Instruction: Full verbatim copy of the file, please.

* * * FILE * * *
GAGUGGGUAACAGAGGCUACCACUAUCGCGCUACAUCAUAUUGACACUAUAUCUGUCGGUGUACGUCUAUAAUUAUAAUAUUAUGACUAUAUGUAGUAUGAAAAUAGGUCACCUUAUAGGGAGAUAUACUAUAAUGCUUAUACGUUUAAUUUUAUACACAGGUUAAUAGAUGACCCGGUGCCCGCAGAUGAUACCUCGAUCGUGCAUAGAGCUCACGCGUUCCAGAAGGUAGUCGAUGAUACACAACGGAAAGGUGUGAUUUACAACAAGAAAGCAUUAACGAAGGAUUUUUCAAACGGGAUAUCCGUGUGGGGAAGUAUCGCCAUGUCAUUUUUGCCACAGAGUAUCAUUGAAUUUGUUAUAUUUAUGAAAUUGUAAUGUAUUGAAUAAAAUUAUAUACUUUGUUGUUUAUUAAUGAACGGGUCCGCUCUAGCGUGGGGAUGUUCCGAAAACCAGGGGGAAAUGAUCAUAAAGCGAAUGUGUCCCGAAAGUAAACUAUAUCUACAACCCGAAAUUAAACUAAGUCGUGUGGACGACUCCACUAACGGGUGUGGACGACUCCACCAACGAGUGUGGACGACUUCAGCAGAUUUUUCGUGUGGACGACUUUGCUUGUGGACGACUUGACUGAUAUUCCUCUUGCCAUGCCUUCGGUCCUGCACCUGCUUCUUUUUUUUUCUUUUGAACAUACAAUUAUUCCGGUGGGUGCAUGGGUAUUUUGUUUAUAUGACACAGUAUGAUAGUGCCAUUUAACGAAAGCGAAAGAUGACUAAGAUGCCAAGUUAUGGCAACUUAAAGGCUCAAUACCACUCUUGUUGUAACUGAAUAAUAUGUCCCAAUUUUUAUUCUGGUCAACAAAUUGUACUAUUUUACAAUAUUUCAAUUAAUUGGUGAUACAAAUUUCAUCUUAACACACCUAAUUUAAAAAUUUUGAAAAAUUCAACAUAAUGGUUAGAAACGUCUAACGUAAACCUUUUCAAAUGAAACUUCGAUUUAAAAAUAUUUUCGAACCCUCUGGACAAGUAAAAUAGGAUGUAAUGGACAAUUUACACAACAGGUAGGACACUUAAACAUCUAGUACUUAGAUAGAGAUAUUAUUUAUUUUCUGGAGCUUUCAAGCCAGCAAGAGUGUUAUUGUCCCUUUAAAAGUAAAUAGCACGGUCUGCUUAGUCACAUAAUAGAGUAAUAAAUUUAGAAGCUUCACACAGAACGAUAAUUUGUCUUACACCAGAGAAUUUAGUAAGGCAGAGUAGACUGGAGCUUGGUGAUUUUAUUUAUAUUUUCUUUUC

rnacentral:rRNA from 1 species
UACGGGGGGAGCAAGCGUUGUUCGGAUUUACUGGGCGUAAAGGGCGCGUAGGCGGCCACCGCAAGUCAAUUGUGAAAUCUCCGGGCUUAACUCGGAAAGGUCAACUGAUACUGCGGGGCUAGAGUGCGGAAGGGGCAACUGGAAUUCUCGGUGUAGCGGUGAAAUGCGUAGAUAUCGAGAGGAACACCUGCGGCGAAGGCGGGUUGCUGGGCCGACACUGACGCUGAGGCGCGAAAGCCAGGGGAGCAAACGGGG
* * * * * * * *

GAGUGGGUAACAGAGGCUACCACUAUCGCGCUACAUCAUAUUGACACUAUAUCUGUCGGUGUACGUCUAUAAUUAUAAUAUUAUGACUAUAUGUAGUAUGAAAAUAGGUCACCUUAUAGGGAGAUAUACUAUAAUGCUUAUACGUUUAAUUUUAUACACAGGUUAAUAGAUGACCCGGUGCCCGCAGAUGAUACCUCGAUCGUGCAUAGAGCUCACGCGUUCCAGAAGGUAGUCGAUGAUACACAACGGAAAGGUGUGAUUUACAACAAGAAAGCAUUAACGAAGGAUUUUUCAAACGGGAUAUCCGUGUGGGGAAGUAUCGCCAUGUCAUUUUUGCCACAGAGUAUCAUUGAAUUUGUUAUAUUUAUGAAAUUGUAAUGUAUUGAAUAAAAUUAUAUACUUUGUUGUUUAUUAAUGAACGGGUCCGCUCUAGCGUGGGGAUGUUCCGAAAACCAGGGGGAAAUGAUCAUAAAGCGAAUGUGUCCCGAAAGUAAACUAUAUCUACAACCCGAAAUUAAACUAAGUCGUGUGGACGACUCCACUAACGGGUGUGGACGACUCCACCAACGAGUGUGGACGACUUCAGCAGAUUUUUCGUGUGGACGACUUUGCUUGUGGACGACUUGACUGAUAUUCCUCUUGCCAUGCCUUCGGUCCUGCACCUGCUUCUUUUUUUUUCUUUUGAACAUACAAUUAUUCCGGUGGGUGCAUGGGUAUUUUGUUUAUAUGACACAGUAUGAUAGUGCCAUUUAACGAAAGCGAAAGAUGACUAAGAUGCCAAGUUAUGGCAACUUAAAGGCUCAAUACCACUCUUGUUGUAACUGAAUAAUAUGUCCCAAUUUUUAUUCUGGUCAACAAAUUGUACUAUUUUACAAUAUUUCAAUUAAUUGGUGAUACAAAUUUCAUCUUAACACACCUAAUUUAAAAAUUUUGAAAAAUUCAACAUAAUGGUUAGAAACGUCUAACGUAAACCUUUUCAAAUGAAACUUCGAUUUAAAAAUAUUUUCGAACCCUCUGGACAAGUAAAAUAGGAUGUAAUGGACAAUUUACACAACAGGUAGGACACUUAAACAUCUAGUACUUAGAUAGAGAUAUUAUUUAUUUUCUGGAGCUUUCAAGCCAGCAAGAGUGUUAUUGUCCCUUUAAAAGUAAAUAGCACGGUCUGCUUAGUCACAUAAUAGAGUAAUAAAUUUAGAAGCUUCACACAGAACGAUAAUUUGUCUUACACCAGAGAAUUUAGUAAGGCAGAGUAGACUGGAGCUUGGUGAUUUUAUUUAUAUUUUCUUUUC

rnacentral:rRNA from 1 species
UACGGGGGGAGCAAGCGUUGUUCGGAUUUACUGGGCGUAAAGGGCGCGUAGGCGGCCACCGCAAGUCAAUUGUGAAAUCUCCGGGCUUAACUCGGAAAGGUCAACUGAUACUGCGGGGCUAGAGUGCGGAAGGGGCAACUGGAAUUCUCGGUGUAGCGGUGAAAUGCGUAGAUAUCGAGAGGAACACCUGCGGCGAAGGCGGGUUGCUGGGCCGACACUGACGCUGAGGCGCGAAAGCCAGGGGAGCAAACGGGG